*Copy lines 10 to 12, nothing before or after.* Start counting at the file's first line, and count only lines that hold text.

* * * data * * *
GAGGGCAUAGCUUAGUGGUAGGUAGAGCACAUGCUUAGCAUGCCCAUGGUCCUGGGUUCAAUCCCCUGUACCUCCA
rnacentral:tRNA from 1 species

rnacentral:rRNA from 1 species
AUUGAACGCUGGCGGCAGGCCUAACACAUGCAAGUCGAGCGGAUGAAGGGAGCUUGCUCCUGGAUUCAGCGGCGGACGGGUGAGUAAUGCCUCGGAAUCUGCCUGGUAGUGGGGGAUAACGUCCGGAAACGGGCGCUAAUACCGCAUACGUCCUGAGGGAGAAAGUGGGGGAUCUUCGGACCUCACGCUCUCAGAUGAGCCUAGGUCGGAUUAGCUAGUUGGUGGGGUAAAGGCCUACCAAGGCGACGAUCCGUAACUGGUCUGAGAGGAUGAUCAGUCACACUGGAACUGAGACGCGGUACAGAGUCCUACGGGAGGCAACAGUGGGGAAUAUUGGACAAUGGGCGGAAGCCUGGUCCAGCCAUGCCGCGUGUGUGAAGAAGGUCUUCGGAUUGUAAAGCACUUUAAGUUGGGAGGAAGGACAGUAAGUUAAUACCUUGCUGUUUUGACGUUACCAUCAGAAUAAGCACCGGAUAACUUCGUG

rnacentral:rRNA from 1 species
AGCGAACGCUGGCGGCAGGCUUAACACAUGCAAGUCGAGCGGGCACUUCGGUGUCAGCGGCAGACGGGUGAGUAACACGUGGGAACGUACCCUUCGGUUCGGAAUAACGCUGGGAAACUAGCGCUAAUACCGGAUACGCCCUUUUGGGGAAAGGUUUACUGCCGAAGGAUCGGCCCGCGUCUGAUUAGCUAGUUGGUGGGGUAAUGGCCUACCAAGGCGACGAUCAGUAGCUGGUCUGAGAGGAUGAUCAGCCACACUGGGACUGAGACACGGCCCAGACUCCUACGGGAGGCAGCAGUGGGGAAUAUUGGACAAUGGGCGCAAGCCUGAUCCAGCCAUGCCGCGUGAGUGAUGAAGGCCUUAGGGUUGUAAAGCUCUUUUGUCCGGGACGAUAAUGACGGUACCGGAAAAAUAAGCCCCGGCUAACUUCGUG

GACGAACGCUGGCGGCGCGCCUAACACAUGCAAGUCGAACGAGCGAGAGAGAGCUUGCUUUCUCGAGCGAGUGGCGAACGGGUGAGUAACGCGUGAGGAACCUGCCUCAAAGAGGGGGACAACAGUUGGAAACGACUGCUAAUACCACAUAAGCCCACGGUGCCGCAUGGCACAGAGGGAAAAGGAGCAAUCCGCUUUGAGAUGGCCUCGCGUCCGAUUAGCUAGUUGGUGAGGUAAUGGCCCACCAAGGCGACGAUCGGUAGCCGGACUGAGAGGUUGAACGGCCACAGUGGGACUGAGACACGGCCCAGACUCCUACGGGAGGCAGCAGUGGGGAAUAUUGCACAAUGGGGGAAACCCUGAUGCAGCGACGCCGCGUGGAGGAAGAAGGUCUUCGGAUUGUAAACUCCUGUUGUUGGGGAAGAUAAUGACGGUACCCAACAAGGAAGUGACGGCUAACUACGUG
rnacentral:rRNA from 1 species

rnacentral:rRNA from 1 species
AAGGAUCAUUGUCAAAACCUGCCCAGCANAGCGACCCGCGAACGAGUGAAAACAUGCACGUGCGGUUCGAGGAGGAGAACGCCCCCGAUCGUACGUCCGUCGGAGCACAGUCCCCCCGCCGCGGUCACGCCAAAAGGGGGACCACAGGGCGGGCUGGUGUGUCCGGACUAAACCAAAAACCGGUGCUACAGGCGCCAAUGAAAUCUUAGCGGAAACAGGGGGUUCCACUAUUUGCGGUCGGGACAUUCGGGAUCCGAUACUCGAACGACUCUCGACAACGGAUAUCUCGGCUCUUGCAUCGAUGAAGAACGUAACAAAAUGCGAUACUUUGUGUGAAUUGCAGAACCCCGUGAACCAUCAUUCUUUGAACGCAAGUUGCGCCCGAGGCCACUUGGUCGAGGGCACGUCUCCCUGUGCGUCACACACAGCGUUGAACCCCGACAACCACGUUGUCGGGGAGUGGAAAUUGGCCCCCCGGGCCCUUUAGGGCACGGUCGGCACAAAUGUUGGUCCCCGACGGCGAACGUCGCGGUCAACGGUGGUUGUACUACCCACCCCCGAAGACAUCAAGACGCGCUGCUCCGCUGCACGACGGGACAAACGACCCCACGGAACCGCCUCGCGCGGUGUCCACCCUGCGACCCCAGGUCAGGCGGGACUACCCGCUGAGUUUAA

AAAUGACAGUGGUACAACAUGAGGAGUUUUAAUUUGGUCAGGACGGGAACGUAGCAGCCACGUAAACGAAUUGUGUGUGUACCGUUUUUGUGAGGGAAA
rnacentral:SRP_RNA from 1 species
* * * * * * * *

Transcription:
AAGGAUCAUUGUCAAAACCUGCCCAGCANAGCGACCCGCGAACGAGUGAAAACAUGCACGUGCGGUUCGAGGAGGAGAACGCCCCCGAUCGUACGUCCGUCGGAGCACAGUCCCCCCGCCGCGGUCACGCCAAAAGGGGGACCACAGGGCGGGCUGGUGUGUCCGGACUAAACCAAAAACCGGUGCUACAGGCGCCAAUGAAAUCUUAGCGGAAACAGGGGGUUCCACUAUUUGCGGUCGGGACAUUCGGGAUCCGAUACUCGAACGACUCUCGACAACGGAUAUCUCGGCUCUUGCAUCGAUGAAGAACGUAACAAAAUGCGAUACUUUGUGUGAAUUGCAGAACCCCGUGAACCAUCAUUCUUUGAACGCAAGUUGCGCCCGAGGCCACUUGGUCGAGGGCACGUCUCCCUGUGCGUCACACACAGCGUUGAACCCCGACAACCACGUUGUCGGGGAGUGGAAAUUGGCCCCCCGGGCCCUUUAGGGCACGGUCGGCACAAAUGUUGGUCCCCGACGGCGAACGUCGCGGUCAACGGUGGUUGUACUACCCACCCCCGAAGACAUCAAGACGCGCUGCUCCGCUGCACGACGGGACAAACGACCCCACGGAACCGCCUCGCGCGGUGUCCACCCUGCGACCCCAGGUCAGGCGGGACUACCCGCUGAGUUUAA

AAAUGACAGUGGUACAACAUGAGGAGUUUUAAUUUGGUCAGGACGGGAACGUAGCAGCCACGUAAACGAAUUGUGUGUGUACCGUUUUUGUGAGGGAAA
rnacentral:SRP_RNA from 1 species